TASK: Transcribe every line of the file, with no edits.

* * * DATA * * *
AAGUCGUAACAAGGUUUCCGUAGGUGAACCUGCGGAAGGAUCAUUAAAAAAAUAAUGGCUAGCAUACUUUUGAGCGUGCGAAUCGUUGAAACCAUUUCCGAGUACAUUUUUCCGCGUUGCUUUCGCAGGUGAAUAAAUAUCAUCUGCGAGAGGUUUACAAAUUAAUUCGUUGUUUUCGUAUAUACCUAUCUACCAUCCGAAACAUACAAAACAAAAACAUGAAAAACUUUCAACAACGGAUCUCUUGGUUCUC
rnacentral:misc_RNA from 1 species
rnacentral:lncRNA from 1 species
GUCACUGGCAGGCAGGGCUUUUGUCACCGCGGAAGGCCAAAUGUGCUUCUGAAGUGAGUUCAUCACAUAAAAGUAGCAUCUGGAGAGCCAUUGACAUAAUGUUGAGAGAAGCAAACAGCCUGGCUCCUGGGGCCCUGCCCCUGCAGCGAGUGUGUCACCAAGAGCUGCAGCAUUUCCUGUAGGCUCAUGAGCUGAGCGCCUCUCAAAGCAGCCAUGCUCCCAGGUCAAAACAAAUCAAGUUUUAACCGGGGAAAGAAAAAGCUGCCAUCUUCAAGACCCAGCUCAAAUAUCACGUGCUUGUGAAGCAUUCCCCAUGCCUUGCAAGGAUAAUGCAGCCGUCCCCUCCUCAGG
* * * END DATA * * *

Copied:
AAGUCGUAACAAGGUUUCCGUAGGUGAACCUGCGGAAGGAUCAUUAAAAAAAUAAUGGCUAGCAUACUUUUGAGCGUGCGAAUCGUUGAAACCAUUUCCGAGUACAUUUUUCCGCGUUGCUUUCGCAGGUGAAUAAAUAUCAUCUGCGAGAGGUUUACAAAUUAAUUCGUUGUUUUCGUAUAUACCUAUCUACCAUCCGAAACAUACAAAACAAAAACAUGAAAAACUUUCAACAACGGAUCUCUUGGUUCUC
rnacentral:misc_RNA from 1 species
rnacentral:lncRNA from 1 species
GUCACUGGCAGGCAGGGCUUUUGUCACCGCGGAAGGCCAAAUGUGCUUCUGAAGUGAGUUCAUCACAUAAAAGUAGCAUCUGGAGAGCCAUUGACAUAAUGUUGAGAGAAGCAAACAGCCUGGCUCCUGGGGCCCUGCCCCUGCAGCGAGUGUGUCACCAAGAGCUGCAGCAUUUCCUGUAGGCUCAUGAGCUGAGCGCCUCUCAAAGCAGCCAUGCUCCCAGGUCAAAACAAAUCAAGUUUUAACCGGGGAAAGAAAAAGCUGCCAUCUUCAAGACCCAGCUCAAAUAUCACGUGCUUGUGAAGCAUUCCCCAUGCCUUGCAAGGAUAAUGCAGCCGUCCCCUCCUCAGG